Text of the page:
Once we’ve figured out where we’re using it, let’s switch the source. Simply switching to renewable energy through your utility company is becoming more of an option. Many utilities now allow you to opt for a renewable option or do so through a company that they work with like Arcadia or Clean Choice Energy that allows you to continue paying your bill like you always have but pulls your energy strictly from renewable sources. Depending on where you live, this might slightly affect your price, but typically it’s not a huge swing one way or the other.

3. Install solar if possible

If you live in a home or own your own roof, the next step is to get a rooftop solar consultation. A quick and simple way to check that out on your own is Google’s Project Sunroof, which helps you find out your home’s opportunity for solar.

4. Efficiency upgrades

This is a deep topic that we’ll dive into soon, but switching to LEDs if the first step you can take. Replace your most used bulbs first, then go from there.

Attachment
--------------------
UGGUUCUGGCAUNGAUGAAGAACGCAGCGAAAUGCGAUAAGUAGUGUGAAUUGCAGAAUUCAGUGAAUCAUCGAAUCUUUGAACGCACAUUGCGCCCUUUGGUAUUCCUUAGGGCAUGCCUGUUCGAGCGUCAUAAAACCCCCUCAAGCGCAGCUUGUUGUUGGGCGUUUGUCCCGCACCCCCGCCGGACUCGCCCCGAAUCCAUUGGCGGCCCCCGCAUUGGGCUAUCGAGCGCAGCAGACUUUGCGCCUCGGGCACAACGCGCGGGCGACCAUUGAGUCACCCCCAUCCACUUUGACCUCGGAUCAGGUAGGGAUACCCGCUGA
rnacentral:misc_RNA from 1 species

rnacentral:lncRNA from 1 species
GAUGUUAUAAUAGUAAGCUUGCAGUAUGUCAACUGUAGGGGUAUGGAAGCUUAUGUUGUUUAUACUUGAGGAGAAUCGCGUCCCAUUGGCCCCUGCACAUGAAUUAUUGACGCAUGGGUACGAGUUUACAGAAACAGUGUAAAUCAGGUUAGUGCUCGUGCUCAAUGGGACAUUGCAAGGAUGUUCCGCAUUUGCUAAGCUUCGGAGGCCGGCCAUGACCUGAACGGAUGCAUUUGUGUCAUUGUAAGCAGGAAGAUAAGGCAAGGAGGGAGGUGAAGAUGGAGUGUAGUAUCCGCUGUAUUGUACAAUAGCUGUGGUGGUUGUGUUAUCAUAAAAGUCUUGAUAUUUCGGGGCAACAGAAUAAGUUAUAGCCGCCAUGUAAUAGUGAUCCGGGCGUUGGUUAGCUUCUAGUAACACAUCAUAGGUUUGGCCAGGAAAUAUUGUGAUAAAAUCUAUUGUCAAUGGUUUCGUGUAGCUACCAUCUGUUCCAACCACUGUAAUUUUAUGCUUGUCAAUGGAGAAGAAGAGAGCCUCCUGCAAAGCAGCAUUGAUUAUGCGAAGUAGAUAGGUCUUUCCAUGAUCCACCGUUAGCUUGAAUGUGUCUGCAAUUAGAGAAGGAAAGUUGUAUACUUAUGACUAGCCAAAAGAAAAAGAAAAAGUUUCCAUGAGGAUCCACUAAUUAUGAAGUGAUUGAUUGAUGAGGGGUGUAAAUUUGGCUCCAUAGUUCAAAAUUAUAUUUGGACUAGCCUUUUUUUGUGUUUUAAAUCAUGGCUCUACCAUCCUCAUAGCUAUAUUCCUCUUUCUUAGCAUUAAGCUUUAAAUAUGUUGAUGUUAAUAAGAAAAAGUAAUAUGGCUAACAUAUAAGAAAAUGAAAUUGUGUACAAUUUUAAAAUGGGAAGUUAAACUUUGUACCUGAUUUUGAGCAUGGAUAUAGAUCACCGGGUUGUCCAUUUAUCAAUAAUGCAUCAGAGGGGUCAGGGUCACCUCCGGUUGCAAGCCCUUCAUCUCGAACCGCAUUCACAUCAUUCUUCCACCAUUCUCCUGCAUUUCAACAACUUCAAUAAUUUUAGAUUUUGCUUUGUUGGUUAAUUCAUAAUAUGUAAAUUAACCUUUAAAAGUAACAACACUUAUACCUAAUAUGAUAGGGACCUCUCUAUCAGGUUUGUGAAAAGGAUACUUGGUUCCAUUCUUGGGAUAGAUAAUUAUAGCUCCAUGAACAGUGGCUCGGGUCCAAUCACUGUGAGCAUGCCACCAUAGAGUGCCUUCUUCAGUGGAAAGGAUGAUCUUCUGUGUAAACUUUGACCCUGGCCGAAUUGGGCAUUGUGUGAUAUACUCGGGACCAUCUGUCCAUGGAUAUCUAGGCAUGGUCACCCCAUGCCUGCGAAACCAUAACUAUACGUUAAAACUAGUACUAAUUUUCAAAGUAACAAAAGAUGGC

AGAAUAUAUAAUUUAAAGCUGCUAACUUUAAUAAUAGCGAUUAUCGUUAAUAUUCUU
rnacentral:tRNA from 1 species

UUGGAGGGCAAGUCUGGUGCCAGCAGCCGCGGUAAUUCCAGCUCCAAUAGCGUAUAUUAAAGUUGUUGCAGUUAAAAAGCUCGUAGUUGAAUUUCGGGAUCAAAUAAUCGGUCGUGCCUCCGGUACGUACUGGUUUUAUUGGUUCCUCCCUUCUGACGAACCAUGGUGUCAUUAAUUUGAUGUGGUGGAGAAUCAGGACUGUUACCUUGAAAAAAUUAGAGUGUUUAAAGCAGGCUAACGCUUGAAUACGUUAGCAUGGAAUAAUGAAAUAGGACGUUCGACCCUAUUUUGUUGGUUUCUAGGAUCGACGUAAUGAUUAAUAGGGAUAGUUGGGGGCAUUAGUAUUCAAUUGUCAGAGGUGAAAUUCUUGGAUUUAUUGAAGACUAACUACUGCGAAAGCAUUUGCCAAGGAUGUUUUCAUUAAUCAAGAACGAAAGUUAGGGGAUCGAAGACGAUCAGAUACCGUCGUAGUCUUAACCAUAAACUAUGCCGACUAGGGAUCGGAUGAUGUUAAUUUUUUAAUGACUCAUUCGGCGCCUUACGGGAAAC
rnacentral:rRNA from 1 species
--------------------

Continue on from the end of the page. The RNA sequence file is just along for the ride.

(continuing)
While the renewable energy revolution won’t happen overnight, the more that consumers make the switch, the more the trend will spread and the cheaper alternative energy will become. Student Energy is a great resource to learn a bit more about energy in general and helps paint a picture of how crucial a movement away from fossil fuels is and will continue to be in the near future. We also love NWEI’s Drawdown Challenge, which provides ways for you to take actions and learn more, check out their energy page here.

Have you switched over your power to renewables? What’s your experience been like? Contact us at

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Eco-impact content, products, and experiences.

Gareth Lewis

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Eco-impact content, products, and experiences.